This project aims to collate as much of the history of the South Shields Yemeni community as possible to showcase the journey of one town spanning over the course of a century.

    For a community at risk of losing its heritage, of such work can't be underestimated. However, this story which begins with British colonialism and ends with entrenched integration belongs to everybody. It is therefore not exclusively the Yemeni community and their descendants who can and should take pride in this website, but South Shields, the North East of England and the UK as a whole.

    Furthermore, this story belongs to Yemen and the international wider community as this website documents what is essentially, simply a human experience.

    If you wish to find out more relating to the project, I have included a powerpoint presentation which I feel you will find useful. To view the presentation please select the link The making of the Project

    This website does not endorse itself as a representation of the South Shields Yemeni community (or any community), but as a lens through which to explore areas of a piece of history.

    To leave feedback or offer a contribution to this site, email feedback@theyemeniproject.org.uk


    South Shields Yemeni community makes a great social and cultural contribution to our town. The first generations of merchant seamen who arrived in the 19th century were a vital part of the shipping industry that was the heart and soul of local life, and that legacy is still with us today. Our shared history is something we can all be proud of.
    People from outside the North East are often surprised to hear that South Shields was and still is home to the first settled Muslim population in the UK, as well as the first purpose-built mosque. To me it isn't a surprise; it says a lot about the successful integration of the Yemeni community and the respect and tolerance our town has for other cultures. We have always depended on visitors and traders and I think that has made us an open and welcoming community.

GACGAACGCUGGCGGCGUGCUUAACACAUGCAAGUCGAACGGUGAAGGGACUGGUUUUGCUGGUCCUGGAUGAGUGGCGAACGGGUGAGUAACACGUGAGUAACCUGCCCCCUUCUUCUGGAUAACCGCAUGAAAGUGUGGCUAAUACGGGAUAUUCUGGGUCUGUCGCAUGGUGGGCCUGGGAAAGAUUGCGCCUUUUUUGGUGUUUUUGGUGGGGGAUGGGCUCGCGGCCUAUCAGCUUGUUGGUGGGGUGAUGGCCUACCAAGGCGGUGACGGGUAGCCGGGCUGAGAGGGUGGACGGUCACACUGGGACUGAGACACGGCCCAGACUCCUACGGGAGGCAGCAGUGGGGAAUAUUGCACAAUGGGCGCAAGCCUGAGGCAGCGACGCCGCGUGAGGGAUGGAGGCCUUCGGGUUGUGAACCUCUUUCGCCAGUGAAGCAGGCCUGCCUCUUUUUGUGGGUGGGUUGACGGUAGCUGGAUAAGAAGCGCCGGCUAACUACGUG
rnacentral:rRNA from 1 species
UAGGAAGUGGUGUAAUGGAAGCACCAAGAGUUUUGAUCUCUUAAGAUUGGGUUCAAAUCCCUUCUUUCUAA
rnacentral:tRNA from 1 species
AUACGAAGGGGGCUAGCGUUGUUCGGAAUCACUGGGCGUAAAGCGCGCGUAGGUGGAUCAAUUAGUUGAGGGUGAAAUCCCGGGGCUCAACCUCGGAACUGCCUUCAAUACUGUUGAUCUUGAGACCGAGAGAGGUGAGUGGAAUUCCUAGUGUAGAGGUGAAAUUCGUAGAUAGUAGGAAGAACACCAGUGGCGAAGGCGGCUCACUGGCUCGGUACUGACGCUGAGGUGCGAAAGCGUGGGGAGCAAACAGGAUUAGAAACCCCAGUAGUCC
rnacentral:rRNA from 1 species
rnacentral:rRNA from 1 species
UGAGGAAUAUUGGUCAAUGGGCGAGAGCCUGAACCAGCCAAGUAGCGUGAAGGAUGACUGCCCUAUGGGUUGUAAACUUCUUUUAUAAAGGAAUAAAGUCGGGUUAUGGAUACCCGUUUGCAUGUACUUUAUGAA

The example of the Yemeni community is a fantastic demonstration of how different cultures can live together in modern Britain, with different traditions but shared goals and values. Previous generations worked and lived side by side, shared ideas, and started families together, and that process of sharing has enriched our community.

    Emma Lewell-Buck - Labour MP

    Dear Leyla, I think the project is a great idea for those who had fathers and grandfathers who came from Yemen. For me, my Grandfather was the most precious person I had in my life. He was one of the first Yemeni men to come to South Shields. He had a barbers shop and a fruit shop and was very generous with his time and money. He came from the same place as the Muckbles.

    Kenny McRitchie, South Shields - 3rd Generation Yemeni

    I think the Yemeni project is a lovely idea as I have been interested in learning more about my grandfather's native Yemen for many years. I feel the Yemeni people are amongst some of the most generous hearted in the world. It is great to share resources, especially photos and the project will help preserve a record of what has become, in South Shields a diminishing community. I am happy to support such a project!

    Michelle Hern, South Shields - 3rd generation Yemeni

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